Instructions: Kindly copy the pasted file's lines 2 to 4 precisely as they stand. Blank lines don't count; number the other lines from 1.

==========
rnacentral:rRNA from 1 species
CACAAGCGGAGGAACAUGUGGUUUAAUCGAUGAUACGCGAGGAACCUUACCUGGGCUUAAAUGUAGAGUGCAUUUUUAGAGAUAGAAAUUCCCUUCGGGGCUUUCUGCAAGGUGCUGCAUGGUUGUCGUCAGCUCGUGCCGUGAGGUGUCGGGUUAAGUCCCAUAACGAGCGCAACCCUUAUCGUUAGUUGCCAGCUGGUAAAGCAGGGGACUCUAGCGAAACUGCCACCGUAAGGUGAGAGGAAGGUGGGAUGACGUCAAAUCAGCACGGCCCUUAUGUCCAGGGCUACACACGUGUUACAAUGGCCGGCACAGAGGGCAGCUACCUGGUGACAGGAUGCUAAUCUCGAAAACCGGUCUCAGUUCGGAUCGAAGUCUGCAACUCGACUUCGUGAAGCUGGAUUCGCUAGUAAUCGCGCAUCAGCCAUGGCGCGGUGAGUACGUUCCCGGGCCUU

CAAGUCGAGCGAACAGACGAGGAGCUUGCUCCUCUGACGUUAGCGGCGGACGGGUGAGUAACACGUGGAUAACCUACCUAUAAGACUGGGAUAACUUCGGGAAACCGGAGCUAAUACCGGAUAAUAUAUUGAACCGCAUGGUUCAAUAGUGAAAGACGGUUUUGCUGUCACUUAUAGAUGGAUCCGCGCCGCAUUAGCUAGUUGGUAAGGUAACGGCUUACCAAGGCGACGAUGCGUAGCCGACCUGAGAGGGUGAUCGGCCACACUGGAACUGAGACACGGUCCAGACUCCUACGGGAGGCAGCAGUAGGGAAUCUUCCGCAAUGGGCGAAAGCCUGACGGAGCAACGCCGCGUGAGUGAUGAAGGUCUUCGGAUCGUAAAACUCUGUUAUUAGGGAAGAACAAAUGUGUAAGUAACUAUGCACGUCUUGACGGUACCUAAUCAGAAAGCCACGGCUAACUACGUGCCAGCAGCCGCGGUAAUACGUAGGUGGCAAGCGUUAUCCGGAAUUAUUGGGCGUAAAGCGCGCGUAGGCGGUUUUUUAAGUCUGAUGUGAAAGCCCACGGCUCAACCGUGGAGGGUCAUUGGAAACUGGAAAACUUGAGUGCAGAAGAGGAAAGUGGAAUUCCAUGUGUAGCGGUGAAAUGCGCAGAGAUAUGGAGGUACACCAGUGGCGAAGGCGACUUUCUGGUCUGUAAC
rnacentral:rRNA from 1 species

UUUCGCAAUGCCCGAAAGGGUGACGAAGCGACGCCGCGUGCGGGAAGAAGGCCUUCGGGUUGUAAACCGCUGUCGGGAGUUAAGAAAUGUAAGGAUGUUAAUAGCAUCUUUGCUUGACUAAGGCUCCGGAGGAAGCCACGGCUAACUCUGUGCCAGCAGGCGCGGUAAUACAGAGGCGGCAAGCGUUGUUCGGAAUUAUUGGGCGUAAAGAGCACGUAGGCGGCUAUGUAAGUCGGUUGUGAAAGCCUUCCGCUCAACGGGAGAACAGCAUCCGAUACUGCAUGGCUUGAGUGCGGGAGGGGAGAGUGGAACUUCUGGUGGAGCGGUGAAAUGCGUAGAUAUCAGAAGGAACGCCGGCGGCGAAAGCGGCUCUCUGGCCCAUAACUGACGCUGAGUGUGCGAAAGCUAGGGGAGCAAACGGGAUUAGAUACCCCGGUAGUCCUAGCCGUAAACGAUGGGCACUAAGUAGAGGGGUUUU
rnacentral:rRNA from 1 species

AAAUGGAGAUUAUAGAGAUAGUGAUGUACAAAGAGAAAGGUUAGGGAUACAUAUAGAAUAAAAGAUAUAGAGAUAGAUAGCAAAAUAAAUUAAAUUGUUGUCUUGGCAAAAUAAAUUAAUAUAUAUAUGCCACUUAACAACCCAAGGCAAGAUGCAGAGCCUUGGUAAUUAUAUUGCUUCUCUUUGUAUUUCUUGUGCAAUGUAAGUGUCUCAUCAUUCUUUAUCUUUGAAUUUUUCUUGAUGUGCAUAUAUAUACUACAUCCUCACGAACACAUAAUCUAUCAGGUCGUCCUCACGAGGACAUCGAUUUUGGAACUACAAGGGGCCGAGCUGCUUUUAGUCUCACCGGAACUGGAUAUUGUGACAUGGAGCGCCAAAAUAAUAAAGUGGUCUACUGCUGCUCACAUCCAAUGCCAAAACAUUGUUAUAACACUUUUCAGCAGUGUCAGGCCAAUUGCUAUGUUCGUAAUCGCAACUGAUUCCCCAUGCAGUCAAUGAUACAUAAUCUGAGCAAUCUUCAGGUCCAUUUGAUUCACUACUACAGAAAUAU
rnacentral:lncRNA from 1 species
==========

CACAAGCGGAGGAACAUGUGGUUUAAUCGAUGAUACGCGAGGAACCUUACCUGGGCUUAAAUGUAGAGUGCAUUUUUAGAGAUAGAAAUUCCCUUCGGGGCUUUCUGCAAGGUGCUGCAUGGUUGUCGUCAGCUCGUGCCGUGAGGUGUCGGGUUAAGUCCCAUAACGAGCGCAACCCUUAUCGUUAGUUGCCAGCUGGUAAAGCAGGGGACUCUAGCGAAACUGCCACCGUAAGGUGAGAGGAAGGUGGGAUGACGUCAAAUCAGCACGGCCCUUAUGUCCAGGGCUACACACGUGUUACAAUGGCCGGCACAGAGGGCAGCUACCUGGUGACAGGAUGCUAAUCUCGAAAACCGGUCUCAGUUCGGAUCGAAGUCUGCAACUCGACUUCGUGAAGCUGGAUUCGCUAGUAAUCGCGCAUCAGCCAUGGCGCGGUGAGUACGUUCCCGGGCCUU

CAAGUCGAGCGAACAGACGAGGAGCUUGCUCCUCUGACGUUAGCGGCGGACGGGUGAGUAACACGUGGAUAACCUACCUAUAAGACUGGGAUAACUUCGGGAAACCGGAGCUAAUACCGGAUAAUAUAUUGAACCGCAUGGUUCAAUAGUGAAAGACGGUUUUGCUGUCACUUAUAGAUGGAUCCGCGCCGCAUUAGCUAGUUGGUAAGGUAACGGCUUACCAAGGCGACGAUGCGUAGCCGACCUGAGAGGGUGAUCGGCCACACUGGAACUGAGACACGGUCCAGACUCCUACGGGAGGCAGCAGUAGGGAAUCUUCCGCAAUGGGCGAAAGCCUGACGGAGCAACGCCGCGUGAGUGAUGAAGGUCUUCGGAUCGUAAAACUCUGUUAUUAGGGAAGAACAAAUGUGUAAGUAACUAUGCACGUCUUGACGGUACCUAAUCAGAAAGCCACGGCUAACUACGUGCCAGCAGCCGCGGUAAUACGUAGGUGGCAAGCGUUAUCCGGAAUUAUUGGGCGUAAAGCGCGCGUAGGCGGUUUUUUAAGUCUGAUGUGAAAGCCCACGGCUCAACCGUGGAGGGUCAUUGGAAACUGGAAAACUUGAGUGCAGAAGAGGAAAGUGGAAUUCCAUGUGUAGCGGUGAAAUGCGCAGAGAUAUGGAGGUACACCAGUGGCGAAGGCGACUUUCUGGUCUGUAAC
rnacentral:rRNA from 1 species